The canyons in this area are very pristine. Bolts and pitons are not needed to descend this canyon, and would detract from the incredibly pristine setting of this wild canyon. There are plenty natural anchors around for the technical obstacles. Try to leave as little behind as possible. This trip is certainly not for beginners; canyoneering techniques must be practiced before going on this trip.
Take care while visiting this area, because pockets of cryptobiotic soil exists in this region. Watch your step, especially in the flat areas frequented by bighorn sheep. Please use slickrock, rocks, riverbanks and sandy washes when visiting this area.
Camping permits are required for overnight use. The area is closed to climbing from March 1 through August 15 due to peregrine falcon nesting.
After obtaining a camping permit, you can camp anywhere 1/4 mile or more from the road. There are some nice sandy beaches accross the river from Outlaw Park and another nice one on the far western end of Outlaw Park.
The best time of year to go is from mid-August to mid-October. To access the peak, you must wade the Yampa River, so the river must be low for this. Under 200 CFS would be ideal. Cooler weather will help on the ascent, but then the water gets cold. It was pretty hot for us in early September.
The area is closed to climbing from March 1 through August 15 due to peregrine falcon nesting.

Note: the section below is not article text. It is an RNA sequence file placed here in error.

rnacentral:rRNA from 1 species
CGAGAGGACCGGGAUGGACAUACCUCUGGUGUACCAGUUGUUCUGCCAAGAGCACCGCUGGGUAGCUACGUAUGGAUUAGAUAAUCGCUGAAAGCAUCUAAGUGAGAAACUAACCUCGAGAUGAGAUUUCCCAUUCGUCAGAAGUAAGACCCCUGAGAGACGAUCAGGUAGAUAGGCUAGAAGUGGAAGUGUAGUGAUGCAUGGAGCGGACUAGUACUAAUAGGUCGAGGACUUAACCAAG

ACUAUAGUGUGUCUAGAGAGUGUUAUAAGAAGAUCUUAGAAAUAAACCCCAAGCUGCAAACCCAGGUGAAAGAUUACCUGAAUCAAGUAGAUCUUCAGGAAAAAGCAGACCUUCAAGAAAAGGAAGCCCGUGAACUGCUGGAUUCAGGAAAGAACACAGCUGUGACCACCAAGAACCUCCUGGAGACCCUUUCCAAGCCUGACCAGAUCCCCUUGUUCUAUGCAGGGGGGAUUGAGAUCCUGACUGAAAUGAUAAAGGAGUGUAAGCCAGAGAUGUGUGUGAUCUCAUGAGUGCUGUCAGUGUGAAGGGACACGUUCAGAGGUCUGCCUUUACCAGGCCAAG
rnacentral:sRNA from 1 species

You can visit the lower part of the canyon (which the closure doesn't affect) using an inner tube or life jacket/floatation will increase the season to include May through mid-August, but make sure you are a strong swimmer. The river is very cold in May and June, so a wetsuit would be standard equipment for the swim.
If you have access to a raft, you may work out a trip via raft. This would be the best way to see the lower part of the canyon, but you have to get a permit in advance.
WEATHER FORECAST FOR DINOSAUR NATIONAL MONUMENT
See the weather charts below for a general idea on the climate. These are just averages however, as in Spring or Fall you can either roast or freeze, often on the same day!
This is a land of extremes and it is not uncommon to have the afternoon be sixty degrees warmer than in the morning. At the quarry, an average night in January is 4 degrees, and an average day in July is 95 degrees, but temperatures have been as low as -40 or as high as 110.
Weather and climate data for the Dinosaur Quarry is below. *National Weather Service Data 1915-2012.
|MONTH||AVE HIGH||AVE LOW||REC HIGH||REC LOW||AVE PRECIP (in)|